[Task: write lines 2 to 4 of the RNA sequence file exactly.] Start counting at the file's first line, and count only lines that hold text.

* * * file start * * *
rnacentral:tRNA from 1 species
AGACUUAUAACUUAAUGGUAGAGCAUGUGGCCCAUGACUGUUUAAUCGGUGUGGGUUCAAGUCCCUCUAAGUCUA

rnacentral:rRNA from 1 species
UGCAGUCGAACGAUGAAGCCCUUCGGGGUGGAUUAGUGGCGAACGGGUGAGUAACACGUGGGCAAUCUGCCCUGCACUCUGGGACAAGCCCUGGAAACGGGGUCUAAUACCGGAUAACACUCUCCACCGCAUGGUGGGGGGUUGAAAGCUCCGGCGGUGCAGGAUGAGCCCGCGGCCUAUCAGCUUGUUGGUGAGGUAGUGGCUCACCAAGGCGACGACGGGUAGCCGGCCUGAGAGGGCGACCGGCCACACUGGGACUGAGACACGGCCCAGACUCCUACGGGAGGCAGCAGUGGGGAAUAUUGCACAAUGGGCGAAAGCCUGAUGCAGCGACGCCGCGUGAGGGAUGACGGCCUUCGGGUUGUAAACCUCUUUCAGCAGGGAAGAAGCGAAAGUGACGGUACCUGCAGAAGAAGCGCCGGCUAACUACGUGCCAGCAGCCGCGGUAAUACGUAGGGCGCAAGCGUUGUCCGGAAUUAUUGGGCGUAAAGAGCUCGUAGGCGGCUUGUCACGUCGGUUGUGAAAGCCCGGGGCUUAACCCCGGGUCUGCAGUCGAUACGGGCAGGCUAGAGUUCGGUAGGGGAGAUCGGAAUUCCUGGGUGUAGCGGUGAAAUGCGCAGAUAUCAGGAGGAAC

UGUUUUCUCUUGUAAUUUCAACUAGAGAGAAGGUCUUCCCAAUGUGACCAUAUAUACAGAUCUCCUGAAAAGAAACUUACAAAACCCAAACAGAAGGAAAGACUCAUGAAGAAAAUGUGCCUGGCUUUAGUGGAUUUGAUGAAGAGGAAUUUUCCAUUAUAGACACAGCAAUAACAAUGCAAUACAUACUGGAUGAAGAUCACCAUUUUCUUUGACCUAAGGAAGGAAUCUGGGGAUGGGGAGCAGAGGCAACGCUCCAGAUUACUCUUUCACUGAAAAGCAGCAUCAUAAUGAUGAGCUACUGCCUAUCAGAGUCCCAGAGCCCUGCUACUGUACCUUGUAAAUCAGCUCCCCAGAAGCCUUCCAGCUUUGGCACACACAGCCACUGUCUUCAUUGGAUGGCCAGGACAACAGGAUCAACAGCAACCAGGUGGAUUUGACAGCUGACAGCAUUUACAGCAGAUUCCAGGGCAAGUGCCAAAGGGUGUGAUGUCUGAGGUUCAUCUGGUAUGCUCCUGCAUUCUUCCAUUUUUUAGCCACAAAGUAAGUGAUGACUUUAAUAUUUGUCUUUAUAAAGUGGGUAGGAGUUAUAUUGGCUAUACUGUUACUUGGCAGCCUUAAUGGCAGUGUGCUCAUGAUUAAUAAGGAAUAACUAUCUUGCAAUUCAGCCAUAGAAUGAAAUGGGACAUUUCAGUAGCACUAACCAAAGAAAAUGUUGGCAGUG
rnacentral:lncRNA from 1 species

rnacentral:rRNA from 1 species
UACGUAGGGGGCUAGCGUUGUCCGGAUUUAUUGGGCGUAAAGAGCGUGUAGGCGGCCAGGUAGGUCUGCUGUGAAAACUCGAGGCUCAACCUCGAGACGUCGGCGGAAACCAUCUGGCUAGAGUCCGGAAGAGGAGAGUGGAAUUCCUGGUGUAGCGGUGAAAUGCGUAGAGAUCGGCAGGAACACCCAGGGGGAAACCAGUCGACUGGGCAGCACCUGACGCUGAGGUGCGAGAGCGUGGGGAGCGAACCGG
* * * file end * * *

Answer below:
AGACUUAUAACUUAAUGGUAGAGCAUGUGGCCCAUGACUGUUUAAUCGGUGUGGGUUCAAGUCCCUCUAAGUCUA

rnacentral:rRNA from 1 species
UGCAGUCGAACGAUGAAGCCCUUCGGGGUGGAUUAGUGGCGAACGGGUGAGUAACACGUGGGCAAUCUGCCCUGCACUCUGGGACAAGCCCUGGAAACGGGGUCUAAUACCGGAUAACACUCUCCACCGCAUGGUGGGGGGUUGAAAGCUCCGGCGGUGCAGGAUGAGCCCGCGGCCUAUCAGCUUGUUGGUGAGGUAGUGGCUCACCAAGGCGACGACGGGUAGCCGGCCUGAGAGGGCGACCGGCCACACUGGGACUGAGACACGGCCCAGACUCCUACGGGAGGCAGCAGUGGGGAAUAUUGCACAAUGGGCGAAAGCCUGAUGCAGCGACGCCGCGUGAGGGAUGACGGCCUUCGGGUUGUAAACCUCUUUCAGCAGGGAAGAAGCGAAAGUGACGGUACCUGCAGAAGAAGCGCCGGCUAACUACGUGCCAGCAGCCGCGGUAAUACGUAGGGCGCAAGCGUUGUCCGGAAUUAUUGGGCGUAAAGAGCUCGUAGGCGGCUUGUCACGUCGGUUGUGAAAGCCCGGGGCUUAACCCCGGGUCUGCAGUCGAUACGGGCAGGCUAGAGUUCGGUAGGGGAGAUCGGAAUUCCUGGGUGUAGCGGUGAAAUGCGCAGAUAUCAGGAGGAAC